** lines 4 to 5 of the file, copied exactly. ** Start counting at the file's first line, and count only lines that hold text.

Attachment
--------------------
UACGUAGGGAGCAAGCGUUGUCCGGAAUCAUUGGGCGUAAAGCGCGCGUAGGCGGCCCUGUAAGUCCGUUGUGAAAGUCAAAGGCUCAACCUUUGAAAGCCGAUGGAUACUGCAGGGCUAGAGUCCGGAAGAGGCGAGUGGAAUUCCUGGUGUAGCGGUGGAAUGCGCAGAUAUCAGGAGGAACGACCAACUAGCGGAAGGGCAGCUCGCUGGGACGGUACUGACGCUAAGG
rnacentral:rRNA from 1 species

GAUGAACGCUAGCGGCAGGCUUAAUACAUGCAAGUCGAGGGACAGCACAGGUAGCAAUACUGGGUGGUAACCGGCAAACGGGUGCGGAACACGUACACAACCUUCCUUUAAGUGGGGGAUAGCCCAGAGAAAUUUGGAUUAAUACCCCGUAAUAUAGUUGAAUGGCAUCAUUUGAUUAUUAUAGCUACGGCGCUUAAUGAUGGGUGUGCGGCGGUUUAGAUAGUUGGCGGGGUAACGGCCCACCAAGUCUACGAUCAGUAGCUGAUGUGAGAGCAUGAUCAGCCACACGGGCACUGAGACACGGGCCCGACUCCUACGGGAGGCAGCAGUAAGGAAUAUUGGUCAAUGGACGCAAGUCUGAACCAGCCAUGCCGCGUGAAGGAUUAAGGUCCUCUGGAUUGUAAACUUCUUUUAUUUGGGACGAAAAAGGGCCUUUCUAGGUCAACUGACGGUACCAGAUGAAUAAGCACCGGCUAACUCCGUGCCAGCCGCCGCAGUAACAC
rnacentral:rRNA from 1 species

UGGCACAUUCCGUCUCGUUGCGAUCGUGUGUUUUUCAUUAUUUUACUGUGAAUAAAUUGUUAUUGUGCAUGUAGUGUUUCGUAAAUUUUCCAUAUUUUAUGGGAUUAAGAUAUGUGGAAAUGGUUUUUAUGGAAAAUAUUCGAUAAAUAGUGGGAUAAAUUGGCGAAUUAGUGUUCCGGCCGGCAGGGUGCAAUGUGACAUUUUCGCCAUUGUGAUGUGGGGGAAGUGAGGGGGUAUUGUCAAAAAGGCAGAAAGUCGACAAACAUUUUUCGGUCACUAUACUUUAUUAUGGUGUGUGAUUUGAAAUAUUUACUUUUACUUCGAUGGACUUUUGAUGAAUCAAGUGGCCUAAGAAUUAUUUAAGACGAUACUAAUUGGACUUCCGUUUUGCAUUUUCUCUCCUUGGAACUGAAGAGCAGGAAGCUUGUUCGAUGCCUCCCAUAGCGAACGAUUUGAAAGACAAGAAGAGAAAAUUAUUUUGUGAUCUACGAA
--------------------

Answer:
rnacentral:rRNA from 1 species

UGGCACAUUCCGUCUCGUUGCGAUCGUGUGUUUUUCAUUAUUUUACUGUGAAUAAAUUGUUAUUGUGCAUGUAGUGUUUCGUAAAUUUUCCAUAUUUUAUGGGAUUAAGAUAUGUGGAAAUGGUUUUUAUGGAAAAUAUUCGAUAAAUAGUGGGAUAAAUUGGCGAAUUAGUGUUCCGGCCGGCAGGGUGCAAUGUGACAUUUUCGCCAUUGUGAUGUGGGGGAAGUGAGGGGGUAUUGUCAAAAAGGCAGAAAGUCGACAAACAUUUUUCGGUCACUAUACUUUAUUAUGGUGUGUGAUUUGAAAUAUUUACUUUUACUUCGAUGGACUUUUGAUGAAUCAAGUGGCCUAAGAAUUAUUUAAGACGAUACUAAUUGGACUUCCGUUUUGCAUUUUCUCUCCUUGGAACUGAAGAGCAGGAAGCUUGUUCGAUGCCUCCCAUAGCGAACGAUUUGAAAGACAAGAAGAGAAAAUUAUUUUGUGAUCUACGAA